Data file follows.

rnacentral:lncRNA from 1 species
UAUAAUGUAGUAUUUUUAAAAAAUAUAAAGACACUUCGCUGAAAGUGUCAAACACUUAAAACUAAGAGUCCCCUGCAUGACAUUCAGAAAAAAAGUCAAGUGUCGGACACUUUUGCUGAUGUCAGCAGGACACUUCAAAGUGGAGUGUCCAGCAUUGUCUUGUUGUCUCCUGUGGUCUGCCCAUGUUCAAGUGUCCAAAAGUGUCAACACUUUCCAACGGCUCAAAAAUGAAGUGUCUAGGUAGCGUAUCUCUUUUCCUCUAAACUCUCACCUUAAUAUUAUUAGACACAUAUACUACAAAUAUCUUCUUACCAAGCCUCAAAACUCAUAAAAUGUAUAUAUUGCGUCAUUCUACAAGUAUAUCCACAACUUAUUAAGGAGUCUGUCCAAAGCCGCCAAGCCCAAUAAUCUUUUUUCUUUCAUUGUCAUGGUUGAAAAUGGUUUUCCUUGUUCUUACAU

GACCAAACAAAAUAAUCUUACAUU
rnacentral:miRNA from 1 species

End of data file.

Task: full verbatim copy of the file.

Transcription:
rnacentral:lncRNA from 1 species
UAUAAUGUAGUAUUUUUAAAAAAUAUAAAGACACUUCGCUGAAAGUGUCAAACACUUAAAACUAAGAGUCCCCUGCAUGACAUUCAGAAAAAAAGUCAAGUGUCGGACACUUUUGCUGAUGUCAGCAGGACACUUCAAAGUGGAGUGUCCAGCAUUGUCUUGUUGUCUCCUGUGGUCUGCCCAUGUUCAAGUGUCCAAAAGUGUCAACACUUUCCAACGGCUCAAAAAUGAAGUGUCUAGGUAGCGUAUCUCUUUUCCUCUAAACUCUCACCUUAAUAUUAUUAGACACAUAUACUACAAAUAUCUUCUUACCAAGCCUCAAAACUCAUAAAAUGUAUAUAUUGCGUCAUUCUACAAGUAUAUCCACAACUUAUUAAGGAGUCUGUCCAAAGCCGCCAAGCCCAAUAAUCUUUUUUCUUUCAUUGUCAUGGUUGAAAAUGGUUUUCCUUGUUCUUACAU

GACCAAACAAAAUAAUCUUACAUU
rnacentral:miRNA from 1 species